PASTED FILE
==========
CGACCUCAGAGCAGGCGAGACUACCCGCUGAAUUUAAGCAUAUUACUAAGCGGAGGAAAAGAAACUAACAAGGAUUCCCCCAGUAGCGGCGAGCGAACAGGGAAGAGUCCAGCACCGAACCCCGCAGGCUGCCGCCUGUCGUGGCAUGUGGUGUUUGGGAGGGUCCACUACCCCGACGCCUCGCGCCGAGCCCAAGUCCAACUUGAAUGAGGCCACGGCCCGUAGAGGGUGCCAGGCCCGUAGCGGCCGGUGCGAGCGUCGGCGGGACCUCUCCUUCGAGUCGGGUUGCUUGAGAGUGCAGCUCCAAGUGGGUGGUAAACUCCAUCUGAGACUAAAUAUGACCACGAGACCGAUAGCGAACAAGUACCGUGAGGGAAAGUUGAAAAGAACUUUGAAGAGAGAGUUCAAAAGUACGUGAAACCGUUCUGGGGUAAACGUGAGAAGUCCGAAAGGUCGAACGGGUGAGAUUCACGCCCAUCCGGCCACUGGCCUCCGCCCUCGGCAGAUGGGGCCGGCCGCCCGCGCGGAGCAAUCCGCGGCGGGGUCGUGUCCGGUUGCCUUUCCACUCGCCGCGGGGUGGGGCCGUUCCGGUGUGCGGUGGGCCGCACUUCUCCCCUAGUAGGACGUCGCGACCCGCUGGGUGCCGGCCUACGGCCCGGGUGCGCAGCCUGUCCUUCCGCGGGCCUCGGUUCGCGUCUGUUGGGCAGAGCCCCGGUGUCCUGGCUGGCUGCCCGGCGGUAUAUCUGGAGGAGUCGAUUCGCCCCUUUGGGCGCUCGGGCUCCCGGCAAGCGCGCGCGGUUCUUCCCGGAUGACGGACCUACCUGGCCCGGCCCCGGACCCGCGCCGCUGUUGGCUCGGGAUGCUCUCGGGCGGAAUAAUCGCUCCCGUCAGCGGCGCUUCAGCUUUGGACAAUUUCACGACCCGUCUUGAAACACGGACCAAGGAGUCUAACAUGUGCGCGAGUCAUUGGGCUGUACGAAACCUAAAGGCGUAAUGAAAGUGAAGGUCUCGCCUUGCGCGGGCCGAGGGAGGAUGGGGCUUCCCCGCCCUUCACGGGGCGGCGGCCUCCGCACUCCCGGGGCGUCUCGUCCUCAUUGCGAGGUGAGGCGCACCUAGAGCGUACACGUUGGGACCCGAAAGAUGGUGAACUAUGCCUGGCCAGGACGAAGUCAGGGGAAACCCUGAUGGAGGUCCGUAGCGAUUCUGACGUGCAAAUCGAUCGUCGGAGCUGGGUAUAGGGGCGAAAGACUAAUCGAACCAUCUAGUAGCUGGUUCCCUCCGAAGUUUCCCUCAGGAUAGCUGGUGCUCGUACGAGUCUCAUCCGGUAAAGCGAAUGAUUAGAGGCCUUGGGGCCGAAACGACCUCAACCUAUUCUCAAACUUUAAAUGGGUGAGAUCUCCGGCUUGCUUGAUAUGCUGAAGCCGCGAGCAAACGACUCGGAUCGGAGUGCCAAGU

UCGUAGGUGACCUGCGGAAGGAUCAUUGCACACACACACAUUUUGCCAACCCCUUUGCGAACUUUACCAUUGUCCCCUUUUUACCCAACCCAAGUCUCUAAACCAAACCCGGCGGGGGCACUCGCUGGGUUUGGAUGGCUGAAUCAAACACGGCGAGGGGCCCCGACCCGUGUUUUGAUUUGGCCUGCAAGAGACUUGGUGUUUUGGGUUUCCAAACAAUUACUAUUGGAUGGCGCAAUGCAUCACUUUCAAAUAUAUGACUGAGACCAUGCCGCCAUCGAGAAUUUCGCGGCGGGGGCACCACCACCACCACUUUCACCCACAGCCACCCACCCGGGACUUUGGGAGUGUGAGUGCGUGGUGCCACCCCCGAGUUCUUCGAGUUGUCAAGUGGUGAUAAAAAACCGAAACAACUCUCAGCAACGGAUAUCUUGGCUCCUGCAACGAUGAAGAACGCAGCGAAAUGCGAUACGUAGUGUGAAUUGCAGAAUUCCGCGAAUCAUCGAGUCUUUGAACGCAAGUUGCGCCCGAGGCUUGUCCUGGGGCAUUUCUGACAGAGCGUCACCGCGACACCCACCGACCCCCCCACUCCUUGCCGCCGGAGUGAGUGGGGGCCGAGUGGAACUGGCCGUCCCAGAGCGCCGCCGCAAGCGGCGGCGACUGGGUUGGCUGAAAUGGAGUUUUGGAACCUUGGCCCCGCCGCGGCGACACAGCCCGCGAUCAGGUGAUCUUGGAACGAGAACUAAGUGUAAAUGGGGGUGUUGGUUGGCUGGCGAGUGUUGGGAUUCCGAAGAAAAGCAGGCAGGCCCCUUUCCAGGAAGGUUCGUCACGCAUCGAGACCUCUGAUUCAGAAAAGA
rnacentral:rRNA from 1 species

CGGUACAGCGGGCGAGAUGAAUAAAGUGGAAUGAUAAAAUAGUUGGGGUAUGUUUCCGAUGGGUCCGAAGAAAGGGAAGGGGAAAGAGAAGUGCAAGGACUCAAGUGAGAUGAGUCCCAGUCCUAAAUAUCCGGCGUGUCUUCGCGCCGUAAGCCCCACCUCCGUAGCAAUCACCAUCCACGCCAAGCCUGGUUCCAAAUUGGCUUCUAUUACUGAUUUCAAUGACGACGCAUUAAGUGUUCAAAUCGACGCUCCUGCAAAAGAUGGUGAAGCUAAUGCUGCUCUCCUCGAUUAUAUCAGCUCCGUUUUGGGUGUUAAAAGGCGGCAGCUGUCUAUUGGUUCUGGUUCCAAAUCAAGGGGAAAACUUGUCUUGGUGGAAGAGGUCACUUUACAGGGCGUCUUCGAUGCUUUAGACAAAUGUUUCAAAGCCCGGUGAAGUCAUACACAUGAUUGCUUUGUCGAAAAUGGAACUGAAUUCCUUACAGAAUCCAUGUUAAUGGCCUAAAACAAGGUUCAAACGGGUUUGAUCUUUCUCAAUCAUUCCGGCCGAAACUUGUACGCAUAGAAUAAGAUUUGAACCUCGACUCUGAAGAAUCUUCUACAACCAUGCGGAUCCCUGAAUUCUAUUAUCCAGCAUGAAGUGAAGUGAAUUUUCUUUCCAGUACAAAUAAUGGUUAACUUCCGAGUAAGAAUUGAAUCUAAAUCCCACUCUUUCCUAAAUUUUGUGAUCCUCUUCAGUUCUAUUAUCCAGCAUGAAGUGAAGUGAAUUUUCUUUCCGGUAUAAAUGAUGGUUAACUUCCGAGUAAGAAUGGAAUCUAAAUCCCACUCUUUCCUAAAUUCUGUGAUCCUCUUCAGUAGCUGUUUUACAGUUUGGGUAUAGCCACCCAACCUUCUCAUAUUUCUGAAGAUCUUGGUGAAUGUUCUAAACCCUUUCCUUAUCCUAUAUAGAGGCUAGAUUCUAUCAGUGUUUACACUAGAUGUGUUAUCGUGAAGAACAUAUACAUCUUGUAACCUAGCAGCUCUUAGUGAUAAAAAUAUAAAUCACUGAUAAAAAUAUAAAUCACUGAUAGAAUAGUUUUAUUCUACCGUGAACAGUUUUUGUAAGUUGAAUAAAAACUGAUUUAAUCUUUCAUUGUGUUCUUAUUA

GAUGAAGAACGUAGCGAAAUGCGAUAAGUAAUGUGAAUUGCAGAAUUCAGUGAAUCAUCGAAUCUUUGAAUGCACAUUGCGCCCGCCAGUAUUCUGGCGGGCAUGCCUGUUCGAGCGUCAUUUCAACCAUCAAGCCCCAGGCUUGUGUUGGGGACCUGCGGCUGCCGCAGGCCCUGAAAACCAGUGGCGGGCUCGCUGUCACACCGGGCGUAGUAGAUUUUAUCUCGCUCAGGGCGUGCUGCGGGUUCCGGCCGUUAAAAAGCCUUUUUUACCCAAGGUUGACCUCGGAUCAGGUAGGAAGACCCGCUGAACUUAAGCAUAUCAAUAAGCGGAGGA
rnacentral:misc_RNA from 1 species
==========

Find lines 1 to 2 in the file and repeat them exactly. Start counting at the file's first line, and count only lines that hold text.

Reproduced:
CGACCUCAGAGCAGGCGAGACUACCCGCUGAAUUUAAGCAUAUUACUAAGCGGAGGAAAAGAAACUAACAAGGAUUCCCCCAGUAGCGGCGAGCGAACAGGGAAGAGUCCAGCACCGAACCCCGCAGGCUGCCGCCUGUCGUGGCAUGUGGUGUUUGGGAGGGUCCACUACCCCGACGCCUCGCGCCGAGCCCAAGUCCAACUUGAAUGAGGCCACGGCCCGUAGAGGGUGCCAGGCCCGUAGCGGCCGGUGCGAGCGUCGGCGGGACCUCUCCUUCGAGUCGGGUUGCUUGAGAGUGCAGCUCCAAGUGGGUGGUAAACUCCAUCUGAGACUAAAUAUGACCACGAGACCGAUAGCGAACAAGUACCGUGAGGGAAAGUUGAAAAGAACUUUGAAGAGAGAGUUCAAAAGUACGUGAAACCGUUCUGGGGUAAACGUGAGAAGUCCGAAAGGUCGAACGGGUGAGAUUCACGCCCAUCCGGCCACUGGCCUCCGCCCUCGGCAGAUGGGGCCGGCCGCCCGCGCGGAGCAAUCCGCGGCGGGGUCGUGUCCGGUUGCCUUUCCACUCGCCGCGGGGUGGGGCCGUUCCGGUGUGCGGUGGGCCGCACUUCUCCCCUAGUAGGACGUCGCGACCCGCUGGGUGCCGGCCUACGGCCCGGGUGCGCAGCCUGUCCUUCCGCGGGCCUCGGUUCGCGUCUGUUGGGCAGAGCCCCGGUGUCCUGGCUGGCUGCCCGGCGGUAUAUCUGGAGGAGUCGAUUCGCCCCUUUGGGCGCUCGGGCUCCCGGCAAGCGCGCGCGGUUCUUCCCGGAUGACGGACCUACCUGGCCCGGCCCCGGACCCGCGCCGCUGUUGGCUCGGGAUGCUCUCGGGCGGAAUAAUCGCUCCCGUCAGCGGCGCUUCAGCUUUGGACAAUUUCACGACCCGUCUUGAAACACGGACCAAGGAGUCUAACAUGUGCGCGAGUCAUUGGGCUGUACGAAACCUAAAGGCGUAAUGAAAGUGAAGGUCUCGCCUUGCGCGGGCCGAGGGAGGAUGGGGCUUCCCCGCCCUUCACGGGGCGGCGGCCUCCGCACUCCCGGGGCGUCUCGUCCUCAUUGCGAGGUGAGGCGCACCUAGAGCGUACACGUUGGGACCCGAAAGAUGGUGAACUAUGCCUGGCCAGGACGAAGUCAGGGGAAACCCUGAUGGAGGUCCGUAGCGAUUCUGACGUGCAAAUCGAUCGUCGGAGCUGGGUAUAGGGGCGAAAGACUAAUCGAACCAUCUAGUAGCUGGUUCCCUCCGAAGUUUCCCUCAGGAUAGCUGGUGCUCGUACGAGUCUCAUCCGGUAAAGCGAAUGAUUAGAGGCCUUGGGGCCGAAACGACCUCAACCUAUUCUCAAACUUUAAAUGGGUGAGAUCUCCGGCUUGCUUGAUAUGCUGAAGCCGCGAGCAAACGACUCGGAUCGGAGUGCCAAGU

UCGUAGGUGACCUGCGGAAGGAUCAUUGCACACACACACAUUUUGCCAACCCCUUUGCGAACUUUACCAUUGUCCCCUUUUUACCCAACCCAAGUCUCUAAACCAAACCCGGCGGGGGCACUCGCUGGGUUUGGAUGGCUGAAUCAAACACGGCGAGGGGCCCCGACCCGUGUUUUGAUUUGGCCUGCAAGAGACUUGGUGUUUUGGGUUUCCAAACAAUUACUAUUGGAUGGCGCAAUGCAUCACUUUCAAAUAUAUGACUGAGACCAUGCCGCCAUCGAGAAUUUCGCGGCGGGGGCACCACCACCACCACUUUCACCCACAGCCACCCACCCGGGACUUUGGGAGUGUGAGUGCGUGGUGCCACCCCCGAGUUCUUCGAGUUGUCAAGUGGUGAUAAAAAACCGAAACAACUCUCAGCAACGGAUAUCUUGGCUCCUGCAACGAUGAAGAACGCAGCGAAAUGCGAUACGUAGUGUGAAUUGCAGAAUUCCGCGAAUCAUCGAGUCUUUGAACGCAAGUUGCGCCCGAGGCUUGUCCUGGGGCAUUUCUGACAGAGCGUCACCGCGACACCCACCGACCCCCCCACUCCUUGCCGCCGGAGUGAGUGGGGGCCGAGUGGAACUGGCCGUCCCAGAGCGCCGCCGCAAGCGGCGGCGACUGGGUUGGCUGAAAUGGAGUUUUGGAACCUUGGCCCCGCCGCGGCGACACAGCCCGCGAUCAGGUGAUCUUGGAACGAGAACUAAGUGUAAAUGGGGGUGUUGGUUGGCUGGCGAGUGUUGGGAUUCCGAAGAAAAGCAGGCAGGCCCCUUUCCAGGAAGGUUCGUCACGCAUCGAGACCUCUGAUUCAGAAAAGA